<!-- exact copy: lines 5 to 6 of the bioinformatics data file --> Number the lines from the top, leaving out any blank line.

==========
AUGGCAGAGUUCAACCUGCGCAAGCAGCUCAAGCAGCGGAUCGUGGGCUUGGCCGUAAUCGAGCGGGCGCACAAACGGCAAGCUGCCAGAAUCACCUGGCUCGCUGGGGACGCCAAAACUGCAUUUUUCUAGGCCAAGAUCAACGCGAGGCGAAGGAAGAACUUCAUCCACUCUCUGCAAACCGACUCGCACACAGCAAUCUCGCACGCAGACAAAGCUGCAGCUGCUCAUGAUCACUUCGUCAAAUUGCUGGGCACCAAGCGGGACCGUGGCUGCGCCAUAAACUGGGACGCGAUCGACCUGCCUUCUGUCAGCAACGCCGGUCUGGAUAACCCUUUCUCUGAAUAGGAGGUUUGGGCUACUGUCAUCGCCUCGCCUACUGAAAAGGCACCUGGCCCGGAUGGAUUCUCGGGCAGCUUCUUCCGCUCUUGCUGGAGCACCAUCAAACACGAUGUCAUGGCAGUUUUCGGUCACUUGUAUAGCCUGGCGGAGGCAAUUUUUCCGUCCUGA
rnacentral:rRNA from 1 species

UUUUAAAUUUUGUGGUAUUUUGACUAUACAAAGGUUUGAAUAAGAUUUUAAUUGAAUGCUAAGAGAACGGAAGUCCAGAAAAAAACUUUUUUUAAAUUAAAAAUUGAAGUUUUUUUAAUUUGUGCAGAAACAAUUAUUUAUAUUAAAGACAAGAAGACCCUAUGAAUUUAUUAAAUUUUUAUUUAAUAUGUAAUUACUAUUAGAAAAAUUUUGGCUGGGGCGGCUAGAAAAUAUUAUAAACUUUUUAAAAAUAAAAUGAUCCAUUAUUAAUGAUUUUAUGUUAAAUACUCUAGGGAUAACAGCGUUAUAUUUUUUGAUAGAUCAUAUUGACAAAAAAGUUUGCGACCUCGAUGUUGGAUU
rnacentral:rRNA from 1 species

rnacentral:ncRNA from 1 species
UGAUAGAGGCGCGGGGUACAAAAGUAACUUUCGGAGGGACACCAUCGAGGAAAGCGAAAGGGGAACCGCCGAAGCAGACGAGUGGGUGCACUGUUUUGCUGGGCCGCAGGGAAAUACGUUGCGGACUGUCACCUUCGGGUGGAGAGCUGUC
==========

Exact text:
rnacentral:ncRNA from 1 species
UGAUAGAGGCGCGGGGUACAAAAGUAACUUUCGGAGGGACACCAUCGAGGAAAGCGAAAGGGGAACCGCCGAAGCAGACGAGUGGGUGCACUGUUUUGCUGGGCCGCAGGGAAAUACGUUGCGGACUGUCACCUUCGGGUGGAGAGCUGUC